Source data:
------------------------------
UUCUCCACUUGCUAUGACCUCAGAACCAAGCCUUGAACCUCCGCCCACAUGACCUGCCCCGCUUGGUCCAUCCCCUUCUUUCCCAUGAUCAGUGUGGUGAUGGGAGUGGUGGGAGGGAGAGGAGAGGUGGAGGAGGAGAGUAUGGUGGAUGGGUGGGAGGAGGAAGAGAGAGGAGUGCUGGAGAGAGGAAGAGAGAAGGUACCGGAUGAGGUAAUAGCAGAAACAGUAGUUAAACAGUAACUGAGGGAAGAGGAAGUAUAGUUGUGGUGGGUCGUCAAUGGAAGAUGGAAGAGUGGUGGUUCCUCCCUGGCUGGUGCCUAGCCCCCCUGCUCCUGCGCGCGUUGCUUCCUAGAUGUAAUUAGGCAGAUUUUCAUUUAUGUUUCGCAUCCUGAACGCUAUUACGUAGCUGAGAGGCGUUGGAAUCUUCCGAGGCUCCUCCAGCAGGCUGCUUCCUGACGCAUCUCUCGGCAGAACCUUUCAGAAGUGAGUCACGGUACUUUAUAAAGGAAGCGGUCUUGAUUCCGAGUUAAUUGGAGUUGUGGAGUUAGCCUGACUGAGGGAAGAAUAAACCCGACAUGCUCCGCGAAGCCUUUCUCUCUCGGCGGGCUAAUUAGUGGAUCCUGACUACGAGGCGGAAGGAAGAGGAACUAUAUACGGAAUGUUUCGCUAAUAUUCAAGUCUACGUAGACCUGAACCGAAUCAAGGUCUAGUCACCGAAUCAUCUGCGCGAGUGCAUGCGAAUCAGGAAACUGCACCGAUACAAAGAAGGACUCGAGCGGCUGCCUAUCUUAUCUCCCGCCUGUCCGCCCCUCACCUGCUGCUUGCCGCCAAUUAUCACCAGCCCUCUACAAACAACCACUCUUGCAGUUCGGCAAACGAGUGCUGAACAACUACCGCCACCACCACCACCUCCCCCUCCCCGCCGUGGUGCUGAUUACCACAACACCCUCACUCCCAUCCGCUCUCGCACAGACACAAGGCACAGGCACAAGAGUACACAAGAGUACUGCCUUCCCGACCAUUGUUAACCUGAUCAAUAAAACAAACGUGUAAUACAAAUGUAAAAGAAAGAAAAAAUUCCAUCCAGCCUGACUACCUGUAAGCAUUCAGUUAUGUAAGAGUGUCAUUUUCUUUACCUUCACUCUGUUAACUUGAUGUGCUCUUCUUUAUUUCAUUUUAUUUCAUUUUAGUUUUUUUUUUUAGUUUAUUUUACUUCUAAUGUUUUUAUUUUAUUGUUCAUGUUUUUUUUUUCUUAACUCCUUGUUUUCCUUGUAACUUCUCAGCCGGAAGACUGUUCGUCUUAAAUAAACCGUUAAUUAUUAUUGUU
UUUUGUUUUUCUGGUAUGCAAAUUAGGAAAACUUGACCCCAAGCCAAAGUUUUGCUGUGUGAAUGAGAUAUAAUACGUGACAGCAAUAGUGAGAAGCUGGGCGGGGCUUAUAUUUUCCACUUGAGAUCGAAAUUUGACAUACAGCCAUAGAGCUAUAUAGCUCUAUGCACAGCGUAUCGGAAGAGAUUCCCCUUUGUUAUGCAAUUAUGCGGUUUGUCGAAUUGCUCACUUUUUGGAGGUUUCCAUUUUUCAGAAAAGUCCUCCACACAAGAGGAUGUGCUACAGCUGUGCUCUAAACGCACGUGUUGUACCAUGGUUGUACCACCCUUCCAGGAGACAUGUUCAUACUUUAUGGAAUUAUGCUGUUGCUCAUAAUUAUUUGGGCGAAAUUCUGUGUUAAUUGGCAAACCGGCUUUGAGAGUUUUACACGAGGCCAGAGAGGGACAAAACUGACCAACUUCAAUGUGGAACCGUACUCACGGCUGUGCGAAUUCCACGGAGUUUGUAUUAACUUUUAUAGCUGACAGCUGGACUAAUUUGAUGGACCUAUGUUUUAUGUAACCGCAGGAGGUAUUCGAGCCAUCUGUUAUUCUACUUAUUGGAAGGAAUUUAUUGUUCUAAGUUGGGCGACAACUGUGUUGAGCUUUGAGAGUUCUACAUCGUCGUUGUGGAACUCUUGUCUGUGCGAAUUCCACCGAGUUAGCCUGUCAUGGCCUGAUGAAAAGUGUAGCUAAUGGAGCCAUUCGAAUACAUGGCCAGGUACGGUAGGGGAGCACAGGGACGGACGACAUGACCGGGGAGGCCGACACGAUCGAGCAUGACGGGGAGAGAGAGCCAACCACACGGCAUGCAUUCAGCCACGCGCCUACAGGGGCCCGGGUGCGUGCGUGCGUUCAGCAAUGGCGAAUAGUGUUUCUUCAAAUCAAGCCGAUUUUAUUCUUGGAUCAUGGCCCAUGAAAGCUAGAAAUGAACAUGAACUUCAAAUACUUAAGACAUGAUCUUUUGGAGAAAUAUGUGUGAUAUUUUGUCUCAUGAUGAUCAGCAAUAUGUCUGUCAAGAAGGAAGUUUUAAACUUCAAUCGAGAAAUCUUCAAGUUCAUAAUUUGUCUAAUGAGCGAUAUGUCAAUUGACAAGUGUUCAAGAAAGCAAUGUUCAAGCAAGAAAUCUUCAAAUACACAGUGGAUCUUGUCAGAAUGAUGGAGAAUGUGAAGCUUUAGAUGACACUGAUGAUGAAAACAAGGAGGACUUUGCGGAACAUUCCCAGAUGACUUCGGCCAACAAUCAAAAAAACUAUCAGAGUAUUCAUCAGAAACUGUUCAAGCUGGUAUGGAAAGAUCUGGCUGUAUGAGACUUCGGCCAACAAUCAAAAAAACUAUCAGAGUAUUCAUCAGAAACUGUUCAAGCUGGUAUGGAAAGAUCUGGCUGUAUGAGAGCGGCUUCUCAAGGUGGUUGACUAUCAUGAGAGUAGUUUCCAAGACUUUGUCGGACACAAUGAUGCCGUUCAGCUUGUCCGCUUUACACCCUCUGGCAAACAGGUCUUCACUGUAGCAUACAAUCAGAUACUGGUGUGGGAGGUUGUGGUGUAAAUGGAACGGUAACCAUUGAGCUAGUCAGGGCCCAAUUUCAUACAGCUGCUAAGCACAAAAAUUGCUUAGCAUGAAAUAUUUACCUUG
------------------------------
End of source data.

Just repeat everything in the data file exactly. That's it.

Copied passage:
UUCUCCACUUGCUAUGACCUCAGAACCAAGCCUUGAACCUCCGCCCACAUGACCUGCCCCGCUUGGUCCAUCCCCUUCUUUCCCAUGAUCAGUGUGGUGAUGGGAGUGGUGGGAGGGAGAGGAGAGGUGGAGGAGGAGAGUAUGGUGGAUGGGUGGGAGGAGGAAGAGAGAGGAGUGCUGGAGAGAGGAAGAGAGAAGGUACCGGAUGAGGUAAUAGCAGAAACAGUAGUUAAACAGUAACUGAGGGAAGAGGAAGUAUAGUUGUGGUGGGUCGUCAAUGGAAGAUGGAAGAGUGGUGGUUCCUCCCUGGCUGGUGCCUAGCCCCCCUGCUCCUGCGCGCGUUGCUUCCUAGAUGUAAUUAGGCAGAUUUUCAUUUAUGUUUCGCAUCCUGAACGCUAUUACGUAGCUGAGAGGCGUUGGAAUCUUCCGAGGCUCCUCCAGCAGGCUGCUUCCUGACGCAUCUCUCGGCAGAACCUUUCAGAAGUGAGUCACGGUACUUUAUAAAGGAAGCGGUCUUGAUUCCGAGUUAAUUGGAGUUGUGGAGUUAGCCUGACUGAGGGAAGAAUAAACCCGACAUGCUCCGCGAAGCCUUUCUCUCUCGGCGGGCUAAUUAGUGGAUCCUGACUACGAGGCGGAAGGAAGAGGAACUAUAUACGGAAUGUUUCGCUAAUAUUCAAGUCUACGUAGACCUGAACCGAAUCAAGGUCUAGUCACCGAAUCAUCUGCGCGAGUGCAUGCGAAUCAGGAAACUGCACCGAUACAAAGAAGGACUCGAGCGGCUGCCUAUCUUAUCUCCCGCCUGUCCGCCCCUCACCUGCUGCUUGCCGCCAAUUAUCACCAGCCCUCUACAAACAACCACUCUUGCAGUUCGGCAAACGAGUGCUGAACAACUACCGCCACCACCACCACCUCCCCCUCCCCGCCGUGGUGCUGAUUACCACAACACCCUCACUCCCAUCCGCUCUCGCACAGACACAAGGCACAGGCACAAGAGUACACAAGAGUACUGCCUUCCCGACCAUUGUUAACCUGAUCAAUAAAACAAACGUGUAAUACAAAUGUAAAAGAAAGAAAAAAUUCCAUCCAGCCUGACUACCUGUAAGCAUUCAGUUAUGUAAGAGUGUCAUUUUCUUUACCUUCACUCUGUUAACUUGAUGUGCUCUUCUUUAUUUCAUUUUAUUUCAUUUUAGUUUUUUUUUUUAGUUUAUUUUACUUCUAAUGUUUUUAUUUUAUUGUUCAUGUUUUUUUUUUCUUAACUCCUUGUUUUCCUUGUAACUUCUCAGCCGGAAGACUGUUCGUCUUAAAUAAACCGUUAAUUAUUAUUGUU
UUUUGUUUUUCUGGUAUGCAAAUUAGGAAAACUUGACCCCAAGCCAAAGUUUUGCUGUGUGAAUGAGAUAUAAUACGUGACAGCAAUAGUGAGAAGCUGGGCGGGGCUUAUAUUUUCCACUUGAGAUCGAAAUUUGACAUACAGCCAUAGAGCUAUAUAGCUCUAUGCACAGCGUAUCGGAAGAGAUUCCCCUUUGUUAUGCAAUUAUGCGGUUUGUCGAAUUGCUCACUUUUUGGAGGUUUCCAUUUUUCAGAAAAGUCCUCCACACAAGAGGAUGUGCUACAGCUGUGCUCUAAACGCACGUGUUGUACCAUGGUUGUACCACCCUUCCAGGAGACAUGUUCAUACUUUAUGGAAUUAUGCUGUUGCUCAUAAUUAUUUGGGCGAAAUUCUGUGUUAAUUGGCAAACCGGCUUUGAGAGUUUUACACGAGGCCAGAGAGGGACAAAACUGACCAACUUCAAUGUGGAACCGUACUCACGGCUGUGCGAAUUCCACGGAGUUUGUAUUAACUUUUAUAGCUGACAGCUGGACUAAUUUGAUGGACCUAUGUUUUAUGUAACCGCAGGAGGUAUUCGAGCCAUCUGUUAUUCUACUUAUUGGAAGGAAUUUAUUGUUCUAAGUUGGGCGACAACUGUGUUGAGCUUUGAGAGUUCUACAUCGUCGUUGUGGAACUCUUGUCUGUGCGAAUUCCACCGAGUUAGCCUGUCAUGGCCUGAUGAAAAGUGUAGCUAAUGGAGCCAUUCGAAUACAUGGCCAGGUACGGUAGGGGAGCACAGGGACGGACGACAUGACCGGGGAGGCCGACACGAUCGAGCAUGACGGGGAGAGAGAGCCAACCACACGGCAUGCAUUCAGCCACGCGCCUACAGGGGCCCGGGUGCGUGCGUGCGUUCAGCAAUGGCGAAUAGUGUUUCUUCAAAUCAAGCCGAUUUUAUUCUUGGAUCAUGGCCCAUGAAAGCUAGAAAUGAACAUGAACUUCAAAUACUUAAGACAUGAUCUUUUGGAGAAAUAUGUGUGAUAUUUUGUCUCAUGAUGAUCAGCAAUAUGUCUGUCAAGAAGGAAGUUUUAAACUUCAAUCGAGAAAUCUUCAAGUUCAUAAUUUGUCUAAUGAGCGAUAUGUCAAUUGACAAGUGUUCAAGAAAGCAAUGUUCAAGCAAGAAAUCUUCAAAUACACAGUGGAUCUUGUCAGAAUGAUGGAGAAUGUGAAGCUUUAGAUGACACUGAUGAUGAAAACAAGGAGGACUUUGCGGAACAUUCCCAGAUGACUUCGGCCAACAAUCAAAAAAACUAUCAGAGUAUUCAUCAGAAACUGUUCAAGCUGGUAUGGAAAGAUCUGGCUGUAUGAGACUUCGGCCAACAAUCAAAAAAACUAUCAGAGUAUUCAUCAGAAACUGUUCAAGCUGGUAUGGAAAGAUCUGGCUGUAUGAGAGCGGCUUCUCAAGGUGGUUGACUAUCAUGAGAGUAGUUUCCAAGACUUUGUCGGACACAAUGAUGCCGUUCAGCUUGUCCGCUUUACACCCUCUGGCAAACAGGUCUUCACUGUAGCAUACAAUCAGAUACUGGUGUGGGAGGUUGUGGUGUAAAUGGAACGGUAACCAUUGAGCUAGUCAGGGCCCAAUUUCAUACAGCUGCUAAGCACAAAAAUUGCUUAGCAUGAAAUAUUUACCUUG